Molly Joan Bobak, née Lamb, CM, ONB, RCA, artist, teacher (born 25 February 1920 in Vancouver, BC; died 1 March 2014 in Fredericton, NB). Molly Lamb Bobak joined the Canadian Women’s Army Corps in 1942. In 1945, she became the first woman to be named an official Canadian war artist. She led workshops across Canada, gave live art lessons on television and served on many boards and arts councils. She was a member of the Royal Canadian Academy of Arts and received honorary degrees from the University of New Brunswick, Mount Allison University and St. Thomas University. She was appointed to the Order of Canada in 1995 and to the Order of New Brunswick in 2002.
Early Years and Education
Molly Lamb Bobak was born on Lulu Island (now Richmond), just south of Vancouver, to Harold Mortimer Lamb and Alice Mary Price. Her father’s activities as an art critic and collector (he was friends with Emily Carr and members of the Group of Seven) and her mother’s love of gardening and the beauty of nature seemed to predetermine Molly’s career in the visual arts.
Molly Lamb met her mentor, Jack L. Shadbolt, while she was a student at the Vancouver School of Art (now the Emily Carr University of Art and Design) from 1938 to 1941. Shadbolt’s influence remained strong throughout her career.
Molly Lamb joined the Canadian Women’s Army Corps in 1942 and spent three years “just begging to be a war artist.” Through the intervention of family friend A.Y. Jackson and Harry McCurry (the director of the National Gallery of Canada), she was appointed an official Canadian war artist in 1945. She was the only woman to receive such a distinction. It was through this work that she met her husband, Bruno Bobak, who at 21 was Canada’s youngest war artist during the Second World War.
Following the war and her marriage, Molly and Bruno Bobak returned to Vancouver. She taught at the Vancouver School of Art and began to work in radio and television, for which she showed a particular aptitude.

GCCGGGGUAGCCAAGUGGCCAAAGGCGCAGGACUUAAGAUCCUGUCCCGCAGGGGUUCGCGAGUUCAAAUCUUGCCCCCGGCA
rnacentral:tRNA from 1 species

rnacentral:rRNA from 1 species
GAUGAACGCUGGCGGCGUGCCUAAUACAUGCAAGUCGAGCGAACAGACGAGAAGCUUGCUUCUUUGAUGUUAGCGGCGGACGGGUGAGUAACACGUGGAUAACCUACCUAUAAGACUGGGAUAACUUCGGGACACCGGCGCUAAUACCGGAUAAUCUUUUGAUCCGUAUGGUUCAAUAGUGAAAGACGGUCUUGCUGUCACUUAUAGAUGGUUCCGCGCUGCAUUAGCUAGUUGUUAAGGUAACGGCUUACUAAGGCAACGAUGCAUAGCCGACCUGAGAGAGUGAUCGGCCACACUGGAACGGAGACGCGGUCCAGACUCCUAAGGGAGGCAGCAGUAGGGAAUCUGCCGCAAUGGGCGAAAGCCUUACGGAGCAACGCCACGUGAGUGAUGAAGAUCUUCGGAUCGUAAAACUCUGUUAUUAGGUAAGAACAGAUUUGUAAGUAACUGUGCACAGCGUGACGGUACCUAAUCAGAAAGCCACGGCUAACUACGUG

She received a Canada Council Fellowship to study in Europe. However, her overseas study was interrupted by her husband’s appointment as artist-in-residence at the University of New Brunswick (UNB) in the fall of 1960. The couple relocated to Fredericton, where Molly Bobak continued to give workshops at UNB and across Canada. She taught art classes and resumed her television work, offering live art lessons. She also served on many boards and arts councils, including with the National Film Board, the Stamp Design Council, the National Capital Commission and the National Gallery Advisory Board.
Work as an Artist
Molly Lamb Bobak’s body of work can be divided into two categories: her elegantly limpid watercolours of flowers with their oriental sparseness; and her expressionist oil paintings, which offer celebratory affirmations of the ordinary events of our lives. She was subject to myriad influences. Her rootedness in the organic and her gestural application of pigment ally her closely to the British Neo-Romantic school, and by extension to the work of such Scottish artists as Joan Kathleen Harding Eardley and Anne Redpath.
Bobak’s works are included in collections across Canada, including at the Canadian War Museum in Ottawa. Her illustrated diaries were published by Dundurn Press in 1992 under the title, Double Duty: Sketches and Diaries of Molly Lamb Bobak, Canadian War Artist. She also illustrated children’s books, including Sheree Fitch’s Toes in My Nose.
Honours and Awards
In 1993, the MacKenzie Art Gallery in Regina mounted a major travelling retrospective of Molly Lamb Bobak’s work. The exhibition’s curator, Cindy Richmond, said of Bobak, “Each one of her paintings reveals something unique and personal as seen through her eyes. They are celebratory in their beauty. There is nothing pretentious about her work. Her authenticity is a large part of her work.”
Bobak was a member of the Royal Canadian Academy of Arts and received honorary degrees from UNB (1983), Mount Allison University (1984) and St. Thomas University (1994). She was appointed to the Order of Canada in 1995 and to the Order of New Brunswick in 2002.
See also: Documenting the Second World War; Representing the Home Front: The Women of the Canadian War Memorials Fund; Art and the Great War; Documenting Canada’s Great War; Artists’ Organizations.